I want...

Some insurance-related words


Insurance glossary

Insurance doesn't need to be confusing. In the 25 years we've been in the market, these are the words that we've found our clients find hardest to understand, or are unsure of the real meaning of.


Agency repairs
In case of accident, your car will be taken to the agency garage - they're the people who built the car here in the first place, so it will return as good as (if not better than!) new.
Benefits
This is the general term for payments, reimbursements and indemnities you will receive from your insurance company.
Claim
A notification to your insurance company asking them to pay out an amount in case of accident
Chronic condition
A prolonged illness or condition which needs ongoing treatment, such as diabetes or asthma.
Coverage
This can mean a few things; often this describes the different events or circumstances in which the insurance company will provide you with money (see benefits).
In medical and travel, coverage describes the regions where the insurance will be active.
Depreciation
A reduction in value over time, often describing the difference in the price you would get between selling your car this year compared to last year.
Endorsement
Simply, this is an official change to your insurance policy.
Excess
An excess is the amount you have to pay towards the whole claim if it is your fault.
Exclusion
These are things that your insurance will not cover.
GCC cover
The Gulf Cooperation Council - a group of 6 countries, which are Bahrain, Kuwait, Oman, Qatar, Saudi Arabia and the UAE.
Hire car
Sometimes called a 'courtesy car', the insurance company will provide you with an alternative vehicle so you can get around town.
Hit and run
If your car has been hit but you don't know who by, this is called a 'hit and run' case, as the driver has hit your car and then run away!
Liability
The best way to think of this term is as 'responsibility'. So when we talk about Third Party Liability, it means reimbursement for any damage to the third party you are responsible for.
Material Facts
These are pieces of information that will help the insurance provider know what is the right policy and price for you. If you don't tell the insurance company everything or wrong information is given, it can lead to very serious problems.
Named driver
For some insurance providers, the policy requires a named driver. This is the person designated to drive that car.
Natural Perils
Often this comes in the context of covering or not covering natural perils - things like flooding and rain, fire, thunderstorm or earthquakes.
Non-disclosure, misrepresentation and false declaration
These are all pretty much the same thing! If you're applying for insurance, you should tell the insurance company anything that will influence the price (see material facts). Failure to do this is called one of the above things.
Off Road cover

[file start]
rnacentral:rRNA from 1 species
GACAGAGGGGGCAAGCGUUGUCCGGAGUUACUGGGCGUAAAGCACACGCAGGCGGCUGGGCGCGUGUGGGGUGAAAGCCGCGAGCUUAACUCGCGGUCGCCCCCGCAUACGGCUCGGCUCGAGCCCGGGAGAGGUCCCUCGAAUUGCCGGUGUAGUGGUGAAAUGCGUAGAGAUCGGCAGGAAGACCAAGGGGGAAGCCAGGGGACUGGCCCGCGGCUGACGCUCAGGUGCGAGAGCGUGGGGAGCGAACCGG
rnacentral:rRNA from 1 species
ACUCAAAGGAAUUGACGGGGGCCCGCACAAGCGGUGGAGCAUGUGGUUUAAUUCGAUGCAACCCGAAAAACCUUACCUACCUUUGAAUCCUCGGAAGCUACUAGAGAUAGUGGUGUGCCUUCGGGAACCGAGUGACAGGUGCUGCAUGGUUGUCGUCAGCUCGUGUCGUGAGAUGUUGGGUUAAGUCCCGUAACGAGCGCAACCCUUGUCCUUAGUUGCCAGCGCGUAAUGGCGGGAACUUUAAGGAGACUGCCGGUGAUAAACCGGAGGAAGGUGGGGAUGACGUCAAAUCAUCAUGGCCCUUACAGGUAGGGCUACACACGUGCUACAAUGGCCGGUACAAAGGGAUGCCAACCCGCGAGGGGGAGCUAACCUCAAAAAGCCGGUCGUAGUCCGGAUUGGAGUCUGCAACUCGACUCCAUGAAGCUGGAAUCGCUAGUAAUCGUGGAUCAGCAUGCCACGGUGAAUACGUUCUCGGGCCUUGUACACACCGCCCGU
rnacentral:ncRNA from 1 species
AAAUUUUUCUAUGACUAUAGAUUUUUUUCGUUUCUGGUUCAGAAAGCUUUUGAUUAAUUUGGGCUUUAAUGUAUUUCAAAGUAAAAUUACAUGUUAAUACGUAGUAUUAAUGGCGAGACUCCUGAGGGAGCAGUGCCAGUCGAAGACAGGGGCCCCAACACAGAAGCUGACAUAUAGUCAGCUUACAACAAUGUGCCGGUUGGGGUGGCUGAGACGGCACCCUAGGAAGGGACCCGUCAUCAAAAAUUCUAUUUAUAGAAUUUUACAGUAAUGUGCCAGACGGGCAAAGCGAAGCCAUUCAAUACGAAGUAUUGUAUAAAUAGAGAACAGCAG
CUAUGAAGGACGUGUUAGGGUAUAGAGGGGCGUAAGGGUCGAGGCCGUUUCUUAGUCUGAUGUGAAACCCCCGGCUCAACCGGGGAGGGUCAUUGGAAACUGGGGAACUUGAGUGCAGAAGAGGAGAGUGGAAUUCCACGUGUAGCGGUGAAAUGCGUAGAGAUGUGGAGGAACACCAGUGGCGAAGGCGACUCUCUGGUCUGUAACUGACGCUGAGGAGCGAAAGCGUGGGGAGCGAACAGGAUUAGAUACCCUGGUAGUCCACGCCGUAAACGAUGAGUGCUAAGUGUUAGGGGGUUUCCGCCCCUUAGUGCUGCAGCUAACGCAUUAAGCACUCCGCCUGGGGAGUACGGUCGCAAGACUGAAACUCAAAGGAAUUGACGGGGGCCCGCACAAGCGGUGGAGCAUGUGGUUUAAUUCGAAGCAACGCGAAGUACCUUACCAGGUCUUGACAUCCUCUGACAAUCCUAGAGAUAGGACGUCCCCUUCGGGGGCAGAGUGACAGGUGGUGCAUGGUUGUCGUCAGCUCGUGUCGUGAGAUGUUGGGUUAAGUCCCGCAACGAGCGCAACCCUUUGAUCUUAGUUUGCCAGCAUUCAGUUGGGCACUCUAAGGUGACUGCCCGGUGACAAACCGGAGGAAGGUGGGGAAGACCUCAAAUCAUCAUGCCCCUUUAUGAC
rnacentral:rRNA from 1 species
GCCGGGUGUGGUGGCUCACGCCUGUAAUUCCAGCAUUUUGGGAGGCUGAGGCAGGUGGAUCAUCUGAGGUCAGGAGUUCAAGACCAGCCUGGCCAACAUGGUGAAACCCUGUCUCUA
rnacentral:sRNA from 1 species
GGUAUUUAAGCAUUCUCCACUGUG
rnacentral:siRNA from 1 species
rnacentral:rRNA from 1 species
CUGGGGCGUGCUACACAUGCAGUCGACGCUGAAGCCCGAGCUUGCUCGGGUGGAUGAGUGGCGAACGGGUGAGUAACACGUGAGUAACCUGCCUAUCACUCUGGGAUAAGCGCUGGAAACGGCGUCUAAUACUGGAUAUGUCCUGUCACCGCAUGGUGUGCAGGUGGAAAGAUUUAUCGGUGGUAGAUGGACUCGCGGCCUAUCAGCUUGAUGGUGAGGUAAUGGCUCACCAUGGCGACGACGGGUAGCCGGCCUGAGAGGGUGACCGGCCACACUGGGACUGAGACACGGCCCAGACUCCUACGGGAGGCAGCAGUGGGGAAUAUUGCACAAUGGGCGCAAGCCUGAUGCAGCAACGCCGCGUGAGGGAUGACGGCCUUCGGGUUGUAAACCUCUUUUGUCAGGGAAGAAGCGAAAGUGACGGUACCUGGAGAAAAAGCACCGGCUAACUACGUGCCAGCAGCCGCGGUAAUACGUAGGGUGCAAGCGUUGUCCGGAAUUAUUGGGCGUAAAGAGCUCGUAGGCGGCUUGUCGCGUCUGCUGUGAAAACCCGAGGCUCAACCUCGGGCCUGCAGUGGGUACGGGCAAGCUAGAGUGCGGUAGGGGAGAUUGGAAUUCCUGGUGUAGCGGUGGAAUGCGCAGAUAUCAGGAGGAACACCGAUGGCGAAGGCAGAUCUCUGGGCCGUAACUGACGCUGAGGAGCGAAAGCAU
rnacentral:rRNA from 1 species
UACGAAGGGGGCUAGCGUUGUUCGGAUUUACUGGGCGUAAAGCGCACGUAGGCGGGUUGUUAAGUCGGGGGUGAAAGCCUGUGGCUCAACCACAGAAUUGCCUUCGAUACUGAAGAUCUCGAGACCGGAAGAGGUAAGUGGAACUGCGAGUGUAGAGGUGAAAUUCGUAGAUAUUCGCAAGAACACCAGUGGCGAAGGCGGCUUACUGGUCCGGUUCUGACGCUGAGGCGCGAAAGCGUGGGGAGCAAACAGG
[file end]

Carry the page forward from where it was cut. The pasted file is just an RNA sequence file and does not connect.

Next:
If you have a 4x4 vehicle, your insurance policy can be extended so you don't have to stay on the roads!
Pre-existing conditions
This is an on-going medical condition you had prior to taking out a new insurance policy.
Premium
Just insurance talk for price!
Pro-rata
A refund scale whereby you are entitled to reimbursement upon cancellation of your policy as a fraction of how long you have left on the contract. So for example, if you cancel your year policy after 5 months, you'll be entitled to 7/12ths of the premium back. Please note that often there are additional cancellation and admin charges.
Personal Accident Benefit
An optional benefit in most policies, the insurance company will provide you with compensation in case of bodily injury.
Protected no claims
Perhaps you've not had any crashes in the last couple of years, and you've got yourself some nice discounts on your insurance from these years of no claims. You can protect these discounts!
Recoverable/non-recoverable claim
Claims fall in to two categories as far as the insurance company is concerned: claims where they can recover their repair bills from another insurance company (such as the at-fault driver) or claims where they cannot (for example, you're at fault, so your insurance company has to pay for the damages).
Reimbursement
This just means getting money back from the insurance company! This might be as one of your benefits on your policy.
In medical insurance, reimbursement means that you pay for the treatment first, and then the insurance company will pay you back - so keep your receipts.
Schengen
In insurance terms, this means that the policy is sufficient for entering Schengen countries - a group of European countries who have their own visa and personal insurance requirements.
War and Allied Perils
Check if this is excluded or included in your insurance programme - it means cover against acts of war, terrorism, strike, riot, coup d'etat, etc.
Worldwide (excluding/including US and Canada)
In travel and medical insurance, this denotes the area of cover. US and Canada are often omitted or included upon request, as their medical costs are much higher. Including these countries for your cover will cost more.